Dot-commands vs. slash-commands

As Twitch user, we can use a multitude of slash-commands, that is, chat commands that start with a slash. For example: /color SeaGreen

On these forums, I often see the suggestion to use dot-commands instead. That is, to stick with the example: .color SeaGreen

In my tests, slash-commands work just fine though. My question therefore is: what is the actual technical difference between the two and when to use which?

Slash commands can interfere with some IRC clients since commands many provide different functionality. For example /ban may translate to a +b MODE rather than a ban as implemented in TMI.

Back in the early days I don’t think the slash command syntax was even supported or JTVIRC or early TMI so a lot of long time users still use periods. These days it does not matter.

Personally I still use periods.


Thank you, george!

So basically dot and slash syntax should make no difference (unless done from certain IRC clients). Let me ask, however, how come that this recent issue seems to have come down to the use of slash instead of dot, then?

No that was the user trying to use the command HOSTARGET which is not a valid command.

And then trying to run commands that there were not eligible/authorised to run

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Oh, I see. If I read the thread correctly, however, he didn’t receive any reply when sending /host, while .host gave him a useful error message about missing permissions. Not a very important difference, if that’s actually the behavior, of course, but good to know anyway.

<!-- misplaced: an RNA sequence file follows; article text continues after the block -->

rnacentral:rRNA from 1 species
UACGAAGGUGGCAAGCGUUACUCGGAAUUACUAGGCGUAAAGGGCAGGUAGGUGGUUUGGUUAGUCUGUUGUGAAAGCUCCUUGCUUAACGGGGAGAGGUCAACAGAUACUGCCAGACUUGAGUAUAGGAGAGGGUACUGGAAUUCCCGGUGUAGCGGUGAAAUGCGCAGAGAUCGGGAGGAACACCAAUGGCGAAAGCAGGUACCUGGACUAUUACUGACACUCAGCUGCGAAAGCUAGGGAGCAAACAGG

Thanks, Barry!

No he sent either/both of them and got the permission error

The use of . or / is irrelevant

Some IRC libraries will interrupt a call to / and send it as a SERVER command instead of a PRIVMSG

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Great, thanks for the clarification Barry. The constant recurrence of advice like the one from XxUnruly over in the other thread made me question it, but thanks to your confirmation my mind finally rests at ease now. :slight_smile:

Using a . just saves hassle if you are using a off the shelf IRC Library


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